Don’t fall for those year-round ‘special offers’ with huge discounts that are too good to be true. None of the Canadian immigration lawyers can guarantee you entry into Canada as a PR unless you get an invitation to apply by the federal government.
No legit immigration consultant to Canada will ask you for your original documents like passport or birth certification. These requirements come later in the application process. If a company asks for your passport beforehand, it can be used as leverage to withhold information until you pay them in full amount.
Never trust an email that is sent out at random, or offer immigration just for a job application or random survey you completed. There is no such thing as an immigration lottery. Most of them are fraud attempts. Scammers claim to be from a particular immigration office but won’t be able to prove the legitimacy of their practice.
Assuring a Job
A legit immigration consultant to Canada can help you find a job or get a work permit for temporary resident applications, but they can’t claim to guarantee you a job. A legit Canadian employer is the only one who can offer you a job in Canada, and it’s important to know that the contact and business information provided to you actually exists.
Tips to Avoid Scam
Get in Touch
Use the contact details provided on the website and get in touch with the owner or customer service representative to gather all the necessary information. If the person on phone presses you for advance payments even for assessment or initial registration, they are more likely running a scam and shouldn’t be trusted with your money. Never share your personal information or credit card details over the phone or email, especially in the initial steps of registration.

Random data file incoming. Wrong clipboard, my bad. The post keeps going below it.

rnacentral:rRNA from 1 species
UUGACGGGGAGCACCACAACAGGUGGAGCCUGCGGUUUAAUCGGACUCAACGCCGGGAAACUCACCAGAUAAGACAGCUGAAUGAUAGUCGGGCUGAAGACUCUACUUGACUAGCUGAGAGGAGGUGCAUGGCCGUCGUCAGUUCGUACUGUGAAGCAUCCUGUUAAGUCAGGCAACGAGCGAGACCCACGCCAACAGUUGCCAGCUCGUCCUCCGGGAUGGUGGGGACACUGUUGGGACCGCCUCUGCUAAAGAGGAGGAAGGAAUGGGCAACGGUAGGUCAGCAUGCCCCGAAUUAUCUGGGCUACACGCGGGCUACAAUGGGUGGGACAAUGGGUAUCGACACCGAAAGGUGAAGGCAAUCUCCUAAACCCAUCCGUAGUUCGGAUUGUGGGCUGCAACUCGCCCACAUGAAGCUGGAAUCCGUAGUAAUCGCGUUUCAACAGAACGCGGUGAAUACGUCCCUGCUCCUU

Keep your web browser up to date with all the latest anti-virus and anti-spam software. Some browser filters are able to detect fraud websites. Make sure to check the domain as well.
Reviews and Search
Keeping up with company reviews is one of the most secure and easy ways to find out if they are legit or not. Even a quick web search of the company name will give you many reviews and you can easily find out if there are any reported problems or complaints about that agency.
Being Mindful About Payments
A legit immigration consultant to Canada will assess your case and discuss the immigration plan that’s right for you before demanding full or even advance payment for a particular visa or application procedure. Make sure that you have a clear understanding of what you are being offered before you make payments for anything.
Navigating and successfully processing the immigration process for Canada can be a bit complicated, which is why legit Canadian immigration lawyers can help take away the stress and worry of the complexities of the Canadian immigration system.
With the demands of different documents and forms as well as deadlines and submission dates, it is only natural to get nervous and even fall for a scam. Be sure that you invest your valuable savings in a reliable and trustworthy agency.